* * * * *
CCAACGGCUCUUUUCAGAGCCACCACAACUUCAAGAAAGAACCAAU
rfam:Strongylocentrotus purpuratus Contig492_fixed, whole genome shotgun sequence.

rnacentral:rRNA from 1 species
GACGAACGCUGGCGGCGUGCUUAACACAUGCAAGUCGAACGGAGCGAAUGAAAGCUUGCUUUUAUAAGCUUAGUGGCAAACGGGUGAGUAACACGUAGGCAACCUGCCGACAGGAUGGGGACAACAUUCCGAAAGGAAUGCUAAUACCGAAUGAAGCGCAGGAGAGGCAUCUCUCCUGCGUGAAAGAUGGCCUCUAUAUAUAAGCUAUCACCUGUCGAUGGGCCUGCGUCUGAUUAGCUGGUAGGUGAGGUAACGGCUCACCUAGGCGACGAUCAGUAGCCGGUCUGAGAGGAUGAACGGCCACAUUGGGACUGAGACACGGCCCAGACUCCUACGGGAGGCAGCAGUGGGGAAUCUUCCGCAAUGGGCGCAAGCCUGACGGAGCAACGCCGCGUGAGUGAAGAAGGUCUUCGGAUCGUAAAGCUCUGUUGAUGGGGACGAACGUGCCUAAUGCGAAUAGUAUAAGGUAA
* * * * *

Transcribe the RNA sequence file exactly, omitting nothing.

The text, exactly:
CCAACGGCUCUUUUCAGAGCCACCACAACUUCAAGAAAGAACCAAU
rfam:Strongylocentrotus purpuratus Contig492_fixed, whole genome shotgun sequence.

rnacentral:rRNA from 1 species
GACGAACGCUGGCGGCGUGCUUAACACAUGCAAGUCGAACGGAGCGAAUGAAAGCUUGCUUUUAUAAGCUUAGUGGCAAACGGGUGAGUAACACGUAGGCAACCUGCCGACAGGAUGGGGACAACAUUCCGAAAGGAAUGCUAAUACCGAAUGAAGCGCAGGAGAGGCAUCUCUCCUGCGUGAAAGAUGGCCUCUAUAUAUAAGCUAUCACCUGUCGAUGGGCCUGCGUCUGAUUAGCUGGUAGGUGAGGUAACGGCUCACCUAGGCGACGAUCAGUAGCCGGUCUGAGAGGAUGAACGGCCACAUUGGGACUGAGACACGGCCCAGACUCCUACGGGAGGCAGCAGUGGGGAAUCUUCCGCAAUGGGCGCAAGCCUGACGGAGCAACGCCGCGUGAGUGAAGAAGGUCUUCGGAUCGUAAAGCUCUGUUGAUGGGGACGAACGUGCCUAAUGCGAAUAGUAUAAGGUAA